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The administration and Congress continue to make incremental progress to expand work-based learning opportunities in the US. In the coming months, DOL and Congress are likely to take additional steps by announcing grants to partnerships between educators and business associations, new regulations to implement an industry recognized apprenticeship system and through work on comprehensive apprenticeship legislation.
Department of Labor
Last month, the Department of Labor (DOL) announced the availability of $150 million, 2018 funds appropriated from Congress to support expansion of registered apprenticeship, for state apprenticeship expansion in in-demand industries. This will be the third round of these State Expansion grants. Thirty-six states applied for funds in the first round, and DOL regranted funds – between $1m – $7m per state – to those same 36 states for round two. These grants would be consistent with NSC recommendations, where the partnerships supported by funding included a robust set of local partners, including educators, the workforce system, labor management partnerships and other community organizations.
DOL also continues to work towards releasing regulations on a new Industry Recognized Apprenticeship system, intended to be parallel to the Registered Apprenticeship System and to empower non-DOL Standards Recognition Entities like business associations to recognize industry-recognized programs meet necessary standards. On April 23rd, DOL filed their draft regs for interagency review with Office of Management a Budget, a necessary step prior to releasing draft regulations and triggering a 60-day review period. Regulations are calendared to be released for public comment this spring.
NSC has called for the administration to ensure regulation of this new system includes engagement opportunity for small and mid-size businesses, alignment with career pathways, and support for equal employment opportunity like that found in current regulations as applied to registered apprenticeships. Along with 15 other national organizations and as part of the Apprenticeship Forward Collaborative, NSC released a set of principles for expanding apprenticeship last year, including a definition of apprenticeship.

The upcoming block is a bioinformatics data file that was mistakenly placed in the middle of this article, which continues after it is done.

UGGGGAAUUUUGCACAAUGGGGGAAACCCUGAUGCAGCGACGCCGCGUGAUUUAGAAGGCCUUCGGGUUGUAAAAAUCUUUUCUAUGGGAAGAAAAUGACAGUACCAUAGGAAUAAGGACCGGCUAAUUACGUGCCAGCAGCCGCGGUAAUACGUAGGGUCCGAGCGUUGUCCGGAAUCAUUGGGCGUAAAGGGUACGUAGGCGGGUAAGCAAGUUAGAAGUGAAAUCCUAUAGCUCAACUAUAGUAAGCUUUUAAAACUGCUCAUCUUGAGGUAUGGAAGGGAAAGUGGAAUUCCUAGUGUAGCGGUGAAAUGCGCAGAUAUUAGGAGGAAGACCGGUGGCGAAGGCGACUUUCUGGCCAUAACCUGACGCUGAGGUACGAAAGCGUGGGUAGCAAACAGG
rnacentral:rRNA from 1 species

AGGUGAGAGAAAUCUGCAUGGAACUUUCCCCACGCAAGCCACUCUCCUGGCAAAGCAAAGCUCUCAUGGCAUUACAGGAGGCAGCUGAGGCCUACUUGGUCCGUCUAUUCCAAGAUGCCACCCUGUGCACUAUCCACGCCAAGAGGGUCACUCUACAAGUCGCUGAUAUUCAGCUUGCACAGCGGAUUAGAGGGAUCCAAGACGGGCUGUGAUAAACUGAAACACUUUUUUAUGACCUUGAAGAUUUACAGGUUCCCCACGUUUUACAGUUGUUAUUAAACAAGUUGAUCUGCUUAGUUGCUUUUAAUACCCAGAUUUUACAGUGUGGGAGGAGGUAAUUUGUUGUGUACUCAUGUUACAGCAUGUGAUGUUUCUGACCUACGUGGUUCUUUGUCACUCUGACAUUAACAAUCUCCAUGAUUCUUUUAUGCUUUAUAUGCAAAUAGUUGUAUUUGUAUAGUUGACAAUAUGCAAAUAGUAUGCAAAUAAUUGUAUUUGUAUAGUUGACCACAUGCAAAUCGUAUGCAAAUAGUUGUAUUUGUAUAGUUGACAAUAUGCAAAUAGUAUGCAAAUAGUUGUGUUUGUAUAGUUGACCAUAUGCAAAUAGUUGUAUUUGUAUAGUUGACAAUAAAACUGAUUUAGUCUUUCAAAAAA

Finally, DOL is anticipated to release $150 million in H-1B visa fee funds to support the creation of these Industry Recognized Apprenticeship programs by supporting partnerships between educators and businesses or business associations. These application process for these grants closed last fall, and Secretary of Labor Acosta has described his intention to release grants soon, along with plans for a second and third round of grants, presumably also using H-1B visa fee funds, in the future.
Department of Education
The Department of Education is also taking steps to expand work-based learning opportunities for students in postsecondary education programs. Just last week the department announced a call for letters of interest from institutions of higher education to participate in a pilot program to expand use of federal work study funds to support work-based learning opportunities with private sector employers. The pilot is intended to empower institutions to use more of their FWS funds to support off-campus employment by waiving several statutory and regulatory restrictions.
The pilot would, among other things,
Congress also continues their focus on apprenticeship and work-based learning. The House Education and Labor Committee and the House Appropriations Committee both heard testimony from Secretary Acosta earlier this spring, as did the Senate Appropriations Committee, Labor, Health and Human Services, Education and Related Agencies (L-HHS) Subcommittee. During all three hearings, Republican and Democrat members, along with the Secretary, recognized the US underinvests in skills training. In response to member questions, the Secretary focused on the Department of Labor’s plans to expand industry recognized apprenticeship and the role of the workforce and education systems in support the expansion of industry recognized and registered apprenticeship.
The Fiscal Year 2020 House L-HHS appropriations bill cleared committee earlier this month, too, and is expected to be voted on by the full House early next month. The bill would include $250 million for expanding apprenticeship, a $90 million increase from Fiscal Year 2019 funding. The Senate L-HHS bill may be debated by the subcommittee as early as mid-June, but is unlikely to include as large of an increase as that proposed by the House bill.
Despite bipartisan support for apprenticeship, a comprehensive apprenticeship bill hasn’t been introduced this session, in part because the committees with jurisdiction over apprenticeship have focused on work towards reauthorization of the Higher Education Act.
Several targeted bills to support work-based learning have been introduced, however.
National Skills Coalition, along with our partners in the Apprenticeship Forward Collaborative, will continue to monitor administration and Congressional progress towards expanding work-based learning.